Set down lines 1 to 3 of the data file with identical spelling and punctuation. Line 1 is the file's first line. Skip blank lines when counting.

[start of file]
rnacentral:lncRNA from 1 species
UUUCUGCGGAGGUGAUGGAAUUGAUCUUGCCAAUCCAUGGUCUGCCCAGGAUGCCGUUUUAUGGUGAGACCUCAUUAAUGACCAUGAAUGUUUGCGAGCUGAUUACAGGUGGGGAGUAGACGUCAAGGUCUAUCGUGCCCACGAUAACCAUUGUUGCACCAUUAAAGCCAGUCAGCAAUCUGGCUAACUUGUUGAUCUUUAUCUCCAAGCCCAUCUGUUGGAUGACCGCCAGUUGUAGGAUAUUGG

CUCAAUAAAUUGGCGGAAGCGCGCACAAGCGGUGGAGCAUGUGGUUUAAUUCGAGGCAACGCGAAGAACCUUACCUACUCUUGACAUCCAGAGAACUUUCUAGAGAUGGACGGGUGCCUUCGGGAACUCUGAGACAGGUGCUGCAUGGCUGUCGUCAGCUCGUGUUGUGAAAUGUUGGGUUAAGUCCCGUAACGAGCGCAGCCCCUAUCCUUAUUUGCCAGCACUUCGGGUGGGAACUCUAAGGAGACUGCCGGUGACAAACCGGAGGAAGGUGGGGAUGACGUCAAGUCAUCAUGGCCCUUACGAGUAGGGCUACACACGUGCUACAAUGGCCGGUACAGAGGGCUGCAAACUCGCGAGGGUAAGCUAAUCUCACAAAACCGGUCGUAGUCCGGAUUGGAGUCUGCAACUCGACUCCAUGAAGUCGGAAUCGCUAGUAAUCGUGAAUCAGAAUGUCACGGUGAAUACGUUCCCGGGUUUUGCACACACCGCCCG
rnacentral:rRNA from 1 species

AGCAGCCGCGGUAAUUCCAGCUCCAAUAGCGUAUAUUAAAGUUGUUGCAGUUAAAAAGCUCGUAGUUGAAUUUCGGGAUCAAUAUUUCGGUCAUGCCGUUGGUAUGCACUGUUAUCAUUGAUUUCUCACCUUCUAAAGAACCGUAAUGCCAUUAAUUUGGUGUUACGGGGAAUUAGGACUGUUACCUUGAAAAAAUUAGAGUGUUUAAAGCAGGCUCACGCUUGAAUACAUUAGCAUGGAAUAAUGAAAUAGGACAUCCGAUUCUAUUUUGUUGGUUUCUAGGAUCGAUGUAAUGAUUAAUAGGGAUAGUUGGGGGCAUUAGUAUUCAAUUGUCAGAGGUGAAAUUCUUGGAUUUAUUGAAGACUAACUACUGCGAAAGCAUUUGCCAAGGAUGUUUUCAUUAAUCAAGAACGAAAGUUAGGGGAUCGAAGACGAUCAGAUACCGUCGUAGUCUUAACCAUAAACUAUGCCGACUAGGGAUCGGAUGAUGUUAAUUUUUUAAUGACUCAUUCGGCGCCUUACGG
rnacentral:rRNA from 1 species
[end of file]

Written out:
rnacentral:lncRNA from 1 species
UUUCUGCGGAGGUGAUGGAAUUGAUCUUGCCAAUCCAUGGUCUGCCCAGGAUGCCGUUUUAUGGUGAGACCUCAUUAAUGACCAUGAAUGUUUGCGAGCUGAUUACAGGUGGGGAGUAGACGUCAAGGUCUAUCGUGCCCACGAUAACCAUUGUUGCACCAUUAAAGCCAGUCAGCAAUCUGGCUAACUUGUUGAUCUUUAUCUCCAAGCCCAUCUGUUGGAUGACCGCCAGUUGUAGGAUAUUGG

CUCAAUAAAUUGGCGGAAGCGCGCACAAGCGGUGGAGCAUGUGGUUUAAUUCGAGGCAACGCGAAGAACCUUACCUACUCUUGACAUCCAGAGAACUUUCUAGAGAUGGACGGGUGCCUUCGGGAACUCUGAGACAGGUGCUGCAUGGCUGUCGUCAGCUCGUGUUGUGAAAUGUUGGGUUAAGUCCCGUAACGAGCGCAGCCCCUAUCCUUAUUUGCCAGCACUUCGGGUGGGAACUCUAAGGAGACUGCCGGUGACAAACCGGAGGAAGGUGGGGAUGACGUCAAGUCAUCAUGGCCCUUACGAGUAGGGCUACACACGUGCUACAAUGGCCGGUACAGAGGGCUGCAAACUCGCGAGGGUAAGCUAAUCUCACAAAACCGGUCGUAGUCCGGAUUGGAGUCUGCAACUCGACUCCAUGAAGUCGGAAUCGCUAGUAAUCGUGAAUCAGAAUGUCACGGUGAAUACGUUCCCGGGUUUUGCACACACCGCCCG